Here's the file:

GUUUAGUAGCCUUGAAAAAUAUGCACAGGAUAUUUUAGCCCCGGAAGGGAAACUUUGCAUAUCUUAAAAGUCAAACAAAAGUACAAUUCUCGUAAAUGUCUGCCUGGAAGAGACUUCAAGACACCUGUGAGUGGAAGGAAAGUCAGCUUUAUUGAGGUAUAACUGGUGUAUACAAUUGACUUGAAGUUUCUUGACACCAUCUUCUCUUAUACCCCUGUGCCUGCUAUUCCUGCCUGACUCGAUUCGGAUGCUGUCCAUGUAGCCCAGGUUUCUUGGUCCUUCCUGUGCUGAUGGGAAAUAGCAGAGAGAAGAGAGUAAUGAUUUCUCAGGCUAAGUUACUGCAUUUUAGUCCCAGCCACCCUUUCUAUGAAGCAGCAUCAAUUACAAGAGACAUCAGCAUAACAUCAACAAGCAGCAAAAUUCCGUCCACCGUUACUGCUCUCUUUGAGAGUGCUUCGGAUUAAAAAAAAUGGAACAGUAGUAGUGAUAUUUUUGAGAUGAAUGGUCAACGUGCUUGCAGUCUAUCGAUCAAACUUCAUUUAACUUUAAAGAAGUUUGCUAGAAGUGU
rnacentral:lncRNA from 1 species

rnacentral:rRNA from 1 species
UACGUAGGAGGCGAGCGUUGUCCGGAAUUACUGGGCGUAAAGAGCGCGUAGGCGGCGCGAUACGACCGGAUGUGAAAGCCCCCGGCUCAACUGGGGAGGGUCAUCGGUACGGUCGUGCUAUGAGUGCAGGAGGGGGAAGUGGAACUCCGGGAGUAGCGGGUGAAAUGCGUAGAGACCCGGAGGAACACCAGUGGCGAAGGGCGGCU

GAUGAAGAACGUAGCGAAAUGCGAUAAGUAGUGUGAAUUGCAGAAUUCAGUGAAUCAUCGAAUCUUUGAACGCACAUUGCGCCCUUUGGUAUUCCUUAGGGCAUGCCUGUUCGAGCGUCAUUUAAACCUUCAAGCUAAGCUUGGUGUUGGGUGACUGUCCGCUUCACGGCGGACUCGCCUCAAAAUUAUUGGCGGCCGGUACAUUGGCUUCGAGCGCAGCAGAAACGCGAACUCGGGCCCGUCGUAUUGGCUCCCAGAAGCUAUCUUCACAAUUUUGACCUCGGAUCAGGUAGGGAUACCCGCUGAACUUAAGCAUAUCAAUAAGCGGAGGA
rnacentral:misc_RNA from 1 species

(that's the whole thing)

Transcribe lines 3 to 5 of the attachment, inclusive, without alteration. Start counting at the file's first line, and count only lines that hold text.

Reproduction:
rnacentral:rRNA from 1 species
UACGUAGGAGGCGAGCGUUGUCCGGAAUUACUGGGCGUAAAGAGCGCGUAGGCGGCGCGAUACGACCGGAUGUGAAAGCCCCCGGCUCAACUGGGGAGGGUCAUCGGUACGGUCGUGCUAUGAGUGCAGGAGGGGGAAGUGGAACUCCGGGAGUAGCGGGUGAAAUGCGUAGAGACCCGGAGGAACACCAGUGGCGAAGGGCGGCU

GAUGAAGAACGUAGCGAAAUGCGAUAAGUAGUGUGAAUUGCAGAAUUCAGUGAAUCAUCGAAUCUUUGAACGCACAUUGCGCCCUUUGGUAUUCCUUAGGGCAUGCCUGUUCGAGCGUCAUUUAAACCUUCAAGCUAAGCUUGGUGUUGGGUGACUGUCCGCUUCACGGCGGACUCGCCUCAAAAUUAUUGGCGGCCGGUACAUUGGCUUCGAGCGCAGCAGAAACGCGAACUCGGGCCCGUCGUAUUGGCUCCCAGAAGCUAUCUUCACAAUUUUGACCUCGGAUCAGGUAGGGAUACCCGCUGAACUUAAGCAUAUCAAUAAGCGGAGGA